L'Ombre de l'Olivier

The Shadow of the Olive Tree

being the maunderings of an Englishman on the Côte d'Azur

23 November 2009 Blog Home : November 2009 : Permalink

The HADCRU code as from the CRU leak

(and other related observations)Bad Code Offset

When I was a developer, in addition to the concepts of version control and frequent archiving, one thing my evil commercially oriented supervisors insisted on were "code reviews". This is the hated point where your manager and/or some other experienced developer goes through your code and critiques it in terms of clarity and quality.

As a general rule code reviews teach you a lot. And in places where you have a choice of potential language one of the big questions in a code review is often "why develop this in X?"

So I've been perusing the (soon to be infamous) HARRY_READ_ME.txt file, as helpfully split up in chunks here and some of the files in the /cru-code/ directory bearing these thoughts in mind. I want to point out here that the author of the readme (Ian "Harry" Harris apparently) has my sympathy. He's the poor sod who seems to have been landed with the responsibility of reworking the code after (I think) the departure of Tim Mitchell and/or Mark New who apparently wrote much of it.

The first thing I note is that a lot of the stuff is written in Fortran (of different vintages), and much of the rest in IDL. When you look at the code you see that a lot of it is not doing complex calculations but rather is doing text processing. Neither fortran nor IDL are the tools I would use for text processing - perl, awk, sed (all traditional unix tools available on the platforms the code runs on as far as I can tell) are all better at this. Indeed awk is used in a few spots making one wonder why it is not used elsewhere. The use of fortran means you get weird (and potentially non-portable) things like this in loadmikeh.f90 (program written to load Mike Hulme RefGrids ):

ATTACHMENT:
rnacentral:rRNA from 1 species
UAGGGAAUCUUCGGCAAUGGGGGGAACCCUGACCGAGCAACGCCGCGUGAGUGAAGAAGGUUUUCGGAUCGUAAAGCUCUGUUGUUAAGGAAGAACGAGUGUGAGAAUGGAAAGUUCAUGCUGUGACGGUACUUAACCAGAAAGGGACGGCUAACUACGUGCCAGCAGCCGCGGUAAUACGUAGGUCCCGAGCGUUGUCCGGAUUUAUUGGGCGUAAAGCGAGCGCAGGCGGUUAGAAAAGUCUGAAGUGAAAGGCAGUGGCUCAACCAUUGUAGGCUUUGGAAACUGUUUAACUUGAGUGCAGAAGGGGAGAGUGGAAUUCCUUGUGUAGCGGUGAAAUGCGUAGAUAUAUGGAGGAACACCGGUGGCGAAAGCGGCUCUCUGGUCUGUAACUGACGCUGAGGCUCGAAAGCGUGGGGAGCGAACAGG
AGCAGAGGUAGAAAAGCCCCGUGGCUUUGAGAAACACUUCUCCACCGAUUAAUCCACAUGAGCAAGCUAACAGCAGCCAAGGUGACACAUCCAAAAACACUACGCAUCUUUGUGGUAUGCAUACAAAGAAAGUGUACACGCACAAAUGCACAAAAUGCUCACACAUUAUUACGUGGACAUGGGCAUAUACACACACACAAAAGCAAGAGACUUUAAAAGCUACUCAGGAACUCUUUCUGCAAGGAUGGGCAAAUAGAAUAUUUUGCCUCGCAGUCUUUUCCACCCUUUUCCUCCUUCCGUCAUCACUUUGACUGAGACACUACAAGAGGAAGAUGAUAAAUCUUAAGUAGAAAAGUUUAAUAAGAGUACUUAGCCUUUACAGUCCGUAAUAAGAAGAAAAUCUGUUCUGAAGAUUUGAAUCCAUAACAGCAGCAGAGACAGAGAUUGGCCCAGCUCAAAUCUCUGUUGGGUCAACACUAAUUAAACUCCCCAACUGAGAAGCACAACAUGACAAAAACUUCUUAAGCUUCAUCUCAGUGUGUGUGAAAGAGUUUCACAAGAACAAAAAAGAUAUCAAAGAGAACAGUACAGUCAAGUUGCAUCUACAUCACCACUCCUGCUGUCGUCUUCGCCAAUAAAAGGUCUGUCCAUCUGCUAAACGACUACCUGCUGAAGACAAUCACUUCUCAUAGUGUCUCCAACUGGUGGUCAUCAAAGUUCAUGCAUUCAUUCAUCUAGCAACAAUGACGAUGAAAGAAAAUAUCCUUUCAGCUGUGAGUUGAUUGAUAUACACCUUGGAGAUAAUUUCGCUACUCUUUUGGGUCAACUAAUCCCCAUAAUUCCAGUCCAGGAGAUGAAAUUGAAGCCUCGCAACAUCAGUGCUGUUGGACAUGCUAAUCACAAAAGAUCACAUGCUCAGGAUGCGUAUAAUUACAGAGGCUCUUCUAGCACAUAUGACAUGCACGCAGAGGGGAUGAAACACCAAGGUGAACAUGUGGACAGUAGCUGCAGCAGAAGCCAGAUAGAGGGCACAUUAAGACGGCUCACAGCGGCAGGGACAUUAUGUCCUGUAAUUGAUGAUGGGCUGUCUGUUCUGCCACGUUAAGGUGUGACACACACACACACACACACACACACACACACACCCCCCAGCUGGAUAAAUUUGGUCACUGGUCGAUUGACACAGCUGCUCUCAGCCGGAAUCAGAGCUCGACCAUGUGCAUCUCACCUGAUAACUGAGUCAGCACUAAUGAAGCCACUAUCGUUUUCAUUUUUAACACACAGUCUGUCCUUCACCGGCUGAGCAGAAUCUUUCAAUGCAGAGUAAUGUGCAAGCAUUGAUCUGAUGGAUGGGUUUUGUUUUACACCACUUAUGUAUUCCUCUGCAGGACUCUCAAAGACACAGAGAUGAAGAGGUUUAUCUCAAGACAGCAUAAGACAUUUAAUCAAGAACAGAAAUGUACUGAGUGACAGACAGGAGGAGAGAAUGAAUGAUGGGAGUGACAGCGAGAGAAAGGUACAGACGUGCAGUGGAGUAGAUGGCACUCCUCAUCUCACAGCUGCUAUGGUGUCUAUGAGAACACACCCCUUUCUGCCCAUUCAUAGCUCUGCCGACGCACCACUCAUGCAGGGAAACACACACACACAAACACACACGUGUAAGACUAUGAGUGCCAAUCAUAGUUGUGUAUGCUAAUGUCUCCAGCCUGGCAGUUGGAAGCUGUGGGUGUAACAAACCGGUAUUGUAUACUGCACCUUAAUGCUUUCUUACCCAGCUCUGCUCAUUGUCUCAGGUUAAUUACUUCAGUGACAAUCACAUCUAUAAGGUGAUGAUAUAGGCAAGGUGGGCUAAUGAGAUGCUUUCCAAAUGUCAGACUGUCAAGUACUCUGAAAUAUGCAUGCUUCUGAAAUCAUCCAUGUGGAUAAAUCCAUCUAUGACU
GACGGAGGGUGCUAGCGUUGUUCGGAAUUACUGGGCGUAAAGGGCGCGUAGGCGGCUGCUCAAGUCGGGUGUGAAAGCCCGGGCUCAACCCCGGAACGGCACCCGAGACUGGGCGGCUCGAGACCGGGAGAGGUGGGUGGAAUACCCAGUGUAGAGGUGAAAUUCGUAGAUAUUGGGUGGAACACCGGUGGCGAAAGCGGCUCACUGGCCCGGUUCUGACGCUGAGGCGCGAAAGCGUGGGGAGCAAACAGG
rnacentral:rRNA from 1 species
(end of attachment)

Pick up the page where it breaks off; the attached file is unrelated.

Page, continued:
call system ('wc -l ' // LoadFile // ' > trashme-loadcts.txt')		! get number of lines
open (3,file='trashme-loadcts.txt',status="old",access="sequential",form="formatted",action="read")
read (3,"(i8)"), NLine
close (3)
call system ('rm trashme-loadcts.txt')
For those that don't do programming this is counting the number of lines in the file. It is doing so by getting an external (unix) utility to do the counting and making it store that in a temporary file (trashme-loadcts.txt) and then reading this file to learn how many lines there are before deleting the file. This is then used as test for whether the file is finished or not in the subsequent line-reading loop.
read (2,"(i7,49x,2i4)"), FileBox,Beg,End
XExe=mod(FileBox,NExe) ; XWye=nint(real(FileBox-XExe)/NExe)+1

do XEntry=Beg,End
read (2,"(4x,12i5)"), (LineData(XMonth),XMonth=1,NMonth)
Data(XYear,1:12,XBox) = LineData(1:12)
end do

if (XLine.GE.NLine) exit
end do